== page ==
Augmented reality (AR) is already making big waves in mobile. With Apple announcing its official foray into AR at WWDC 2017, developers got their hands on the tooling to make it possible. But will AR actually take over all of mobile?
The aforementioned toolkit, ARKit, is Apple’s official set of developer tools for building augmented reality experiences for iOS. It works on both iPhone and iPad (and iPod, if you still have one of those), but not Apple Watch or the Mac. Using Visual Inertial Odometry (VIO), ARKit-enabled apps get a sense of the world around them.
From there, developers have options. Some of the coolest examples involve walking through imaginary portals into new worlds. The most useful replace everyday items such as tape measures. Far-reaching projects see AR ‘videos’ taking shape before your very eyes (it’s very Star Wars-y).
So long as an app has access to the device’s camera and location data, AR is possible. Simple text or image overlays augment reality. It’s fairly standard, and Apple’s version is a good deal simpler than Google’s Tango. (A solid example of where Tango’s prowess outshines ARKit comes with the benign exercise of placing virtual furniture in a home; as Wayfair R&D lead Mike Fiesta recently told Android Central: “You can move things around in the room, leave and come back, and when you do everything stays in place.”
Tango simply gathers and tracks a broader dataset. ARKit may let you drop a chair in an open space, but Tango knows which wall you placed it on, as well as the furniture’s dimensions. ARKit will let you know what a couch in your space will look like, but Tango could do something like stage a home virtually. 3D walk-throughs may let you drop your own furniture in, too.
In many ways, these respective platforms are representative of Apple and Google. One wants to control the present narrative, while the other wants to pave a path to the future. In the United States, where the first AR battle-lines are being drawn, marketshare between Android and iOS is fairly even, but Apple is the only company ready with consumer-grade augmented reality; Google is still trying to write the future.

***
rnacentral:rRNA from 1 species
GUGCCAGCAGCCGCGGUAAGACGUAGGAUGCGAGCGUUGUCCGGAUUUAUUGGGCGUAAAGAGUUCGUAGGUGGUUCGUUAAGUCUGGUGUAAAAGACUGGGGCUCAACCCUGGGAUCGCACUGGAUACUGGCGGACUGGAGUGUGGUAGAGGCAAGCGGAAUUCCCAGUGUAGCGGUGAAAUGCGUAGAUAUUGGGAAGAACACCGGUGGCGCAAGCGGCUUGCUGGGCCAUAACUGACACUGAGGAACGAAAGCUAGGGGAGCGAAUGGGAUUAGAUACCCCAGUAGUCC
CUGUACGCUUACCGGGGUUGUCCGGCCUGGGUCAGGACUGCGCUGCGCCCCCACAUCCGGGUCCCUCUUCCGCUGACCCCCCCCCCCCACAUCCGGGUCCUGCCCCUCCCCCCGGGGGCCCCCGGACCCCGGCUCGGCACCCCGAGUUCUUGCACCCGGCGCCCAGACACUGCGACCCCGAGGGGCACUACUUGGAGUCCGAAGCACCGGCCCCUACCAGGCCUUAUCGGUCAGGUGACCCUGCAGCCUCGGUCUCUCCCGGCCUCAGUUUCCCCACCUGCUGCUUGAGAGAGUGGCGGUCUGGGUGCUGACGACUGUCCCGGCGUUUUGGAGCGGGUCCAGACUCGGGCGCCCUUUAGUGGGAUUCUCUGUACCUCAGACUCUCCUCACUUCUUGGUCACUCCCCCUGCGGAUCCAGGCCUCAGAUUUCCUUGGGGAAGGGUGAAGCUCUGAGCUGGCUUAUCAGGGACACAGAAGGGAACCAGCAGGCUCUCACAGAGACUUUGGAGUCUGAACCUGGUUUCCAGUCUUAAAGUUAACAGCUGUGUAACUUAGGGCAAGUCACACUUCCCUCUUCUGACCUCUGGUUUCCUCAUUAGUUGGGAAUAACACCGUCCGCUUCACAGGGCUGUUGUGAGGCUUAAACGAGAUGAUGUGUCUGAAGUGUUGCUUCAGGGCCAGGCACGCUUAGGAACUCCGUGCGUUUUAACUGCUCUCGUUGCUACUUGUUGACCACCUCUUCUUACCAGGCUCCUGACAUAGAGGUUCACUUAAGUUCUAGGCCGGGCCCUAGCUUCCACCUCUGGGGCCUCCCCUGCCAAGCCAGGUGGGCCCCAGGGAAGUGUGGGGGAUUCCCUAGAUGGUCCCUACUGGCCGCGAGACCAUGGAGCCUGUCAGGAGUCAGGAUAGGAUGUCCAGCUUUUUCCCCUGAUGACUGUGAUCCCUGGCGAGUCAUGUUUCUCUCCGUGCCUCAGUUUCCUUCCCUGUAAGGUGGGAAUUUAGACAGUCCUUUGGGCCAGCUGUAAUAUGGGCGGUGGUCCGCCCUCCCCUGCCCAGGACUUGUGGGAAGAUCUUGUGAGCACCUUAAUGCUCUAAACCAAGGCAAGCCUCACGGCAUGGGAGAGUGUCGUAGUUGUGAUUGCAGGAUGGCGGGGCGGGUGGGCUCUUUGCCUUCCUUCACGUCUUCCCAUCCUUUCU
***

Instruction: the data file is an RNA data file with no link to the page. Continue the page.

There are AR-ready Android phones that tap into Tango’s specs. Those devices are almost super-premium, though. It’s hard to say what Google’s ‘go big or go home’ methodology will yield on the augmented reality front, but it’s ceded control to Apple, at least for now. Google I/O 2018 might bring some sort of AR goodness to the throng of developers in attendance, and it would undoubtedly steal the show. In the meantime, ARKit and iOS 11 drop in a month or so.
For all the cool AR projects we see, there are undoubtedly some stinkers out there. Not everything is useful as an AR project. Paying bills in AR won’t enhance your experience, for instance – but some upstart tech firm will certainly try it. There are entire industries where augmented reality makes almost no sense.
Apple is also believed to be hard at work on AR glasses. Paying bills with a set of discreet glasses and some accurate hand-tracking might be useful; clicking on a ‘pay’ button displayed on floating utility bills makes a lot more sense than waving a phone or tablet around the living room.
Google’s hands-free efforts are limited to virtual reality (VR). Its Daydream platform, introduced at I/O 2016, does for VR what Tango does for AR. It even lacks the support Google seems to have imagined for it: there are only 10 Daydream-ready devices, and you need a dedicated headset to enjoy VR fully.
This is further evidence that Google and Apple don’t see eye-to-eye on the future of mobile tech. AR can do a variety of things, many of them best experienced in micro-interactions. It’s those short bursts of usage you enjoy in the moment; getting directions in the city, playing a quick game between chores at home, or even revisiting an item you shopped for in an app. Apple seems to have grasped that concept well with ARKit.
For developers, augmented reality is worth consideration, whether it be Android or iOS. It’s not an all-in venture. The app used to virtually place furniture doesn’t have to leverage an e-commerce experience. AR is more technical debt, too, so we don’t suggest taking it lightly. It’s a feature users may simply respond well to.
AR represents a dividing line for mobile technology. In a few years’ time, apps will be judged on their use of it. It draws distinct lines between app categories such as games and banking. It’s a new paradigm for developers, who may incur more lines of code in their apps as a result, but the long-term promise AR holds is well worth the risk.